Regarding stressful life events, there was considerable research to support SLEs as a risk factor for recurrent depression. In addition, there was some evidence to support the idea that sensitization to SLEs occurs, although it was not definitive. There was also some evidence of stress generation occurring. A direct comparison of these two hypotheses regarding SLEs would make an interesting future study.
For example, individuals with high levels of neuroticism are already at increased risk for a first-onset of depression. Just because one episode of depression increases their neuroticism scores, on average, this does not mean that their subsequent risk for depression is automatically increased; instead, it could be that they are at the same risk for recurrence because they already had sufficient levels of neuroticism in order to lead to depression in the first place.
This is relevant for the other scar theories as well. Furthermore, it is important to note that the scar theories suppose that due to the greater rates of depression in those who have a history of depression compared to those who have no such history, it must be the case that depression itself somehow increases the vulnerability to becoming depressed again.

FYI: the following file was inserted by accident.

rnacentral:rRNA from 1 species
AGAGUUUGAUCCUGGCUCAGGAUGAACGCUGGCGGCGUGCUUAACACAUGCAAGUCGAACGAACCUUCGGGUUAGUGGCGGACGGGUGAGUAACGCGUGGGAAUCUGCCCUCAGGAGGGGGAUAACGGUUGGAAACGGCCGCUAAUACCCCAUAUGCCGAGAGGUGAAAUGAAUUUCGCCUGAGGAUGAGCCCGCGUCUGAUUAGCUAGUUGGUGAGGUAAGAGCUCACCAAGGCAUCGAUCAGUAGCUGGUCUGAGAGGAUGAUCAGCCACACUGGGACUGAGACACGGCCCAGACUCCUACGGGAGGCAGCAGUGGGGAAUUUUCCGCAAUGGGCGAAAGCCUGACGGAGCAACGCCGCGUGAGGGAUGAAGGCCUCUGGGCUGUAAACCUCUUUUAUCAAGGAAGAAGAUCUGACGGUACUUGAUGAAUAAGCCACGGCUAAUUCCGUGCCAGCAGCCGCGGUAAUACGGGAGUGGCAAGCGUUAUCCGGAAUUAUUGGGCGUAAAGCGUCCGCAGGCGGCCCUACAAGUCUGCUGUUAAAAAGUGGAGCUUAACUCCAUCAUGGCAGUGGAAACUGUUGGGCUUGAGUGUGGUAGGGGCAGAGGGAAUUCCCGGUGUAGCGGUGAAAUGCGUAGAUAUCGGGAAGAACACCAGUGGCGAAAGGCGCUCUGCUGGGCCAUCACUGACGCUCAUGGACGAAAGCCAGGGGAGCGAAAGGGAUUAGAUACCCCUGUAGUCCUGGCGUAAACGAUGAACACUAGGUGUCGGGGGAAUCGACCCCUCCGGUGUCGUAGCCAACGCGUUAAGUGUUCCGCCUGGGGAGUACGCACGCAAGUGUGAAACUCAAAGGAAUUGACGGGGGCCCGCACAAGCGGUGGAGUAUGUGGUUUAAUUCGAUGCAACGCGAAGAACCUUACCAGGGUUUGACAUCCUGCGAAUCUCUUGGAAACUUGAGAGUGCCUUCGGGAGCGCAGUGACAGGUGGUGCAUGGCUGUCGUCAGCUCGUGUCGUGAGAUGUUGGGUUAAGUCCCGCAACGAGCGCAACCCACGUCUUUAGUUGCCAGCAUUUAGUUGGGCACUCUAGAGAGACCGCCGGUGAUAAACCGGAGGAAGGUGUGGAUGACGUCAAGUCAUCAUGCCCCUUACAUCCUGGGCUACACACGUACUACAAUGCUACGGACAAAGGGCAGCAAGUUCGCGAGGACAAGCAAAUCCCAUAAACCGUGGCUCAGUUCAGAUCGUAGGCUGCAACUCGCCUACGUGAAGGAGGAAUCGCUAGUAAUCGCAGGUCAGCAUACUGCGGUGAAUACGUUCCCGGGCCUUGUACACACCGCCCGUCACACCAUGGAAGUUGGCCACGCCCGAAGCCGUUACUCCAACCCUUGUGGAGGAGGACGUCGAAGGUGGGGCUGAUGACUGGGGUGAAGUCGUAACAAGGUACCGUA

However, a more parsimonious explanation may instead be that individuals at high risk for multiple episodes already possessed the necessary characteristics to make them prone to recurrent depression, and that these necessary characteristics existed even before their first episode. For example, individuals at high risk for a recurrent subtype of depression may already have higher levels of neuroticism or SLEs, even before their first episode; any changes in these domains that occur after a depressive episode may simply be reflecting a sequela of depression rather than a scar per se.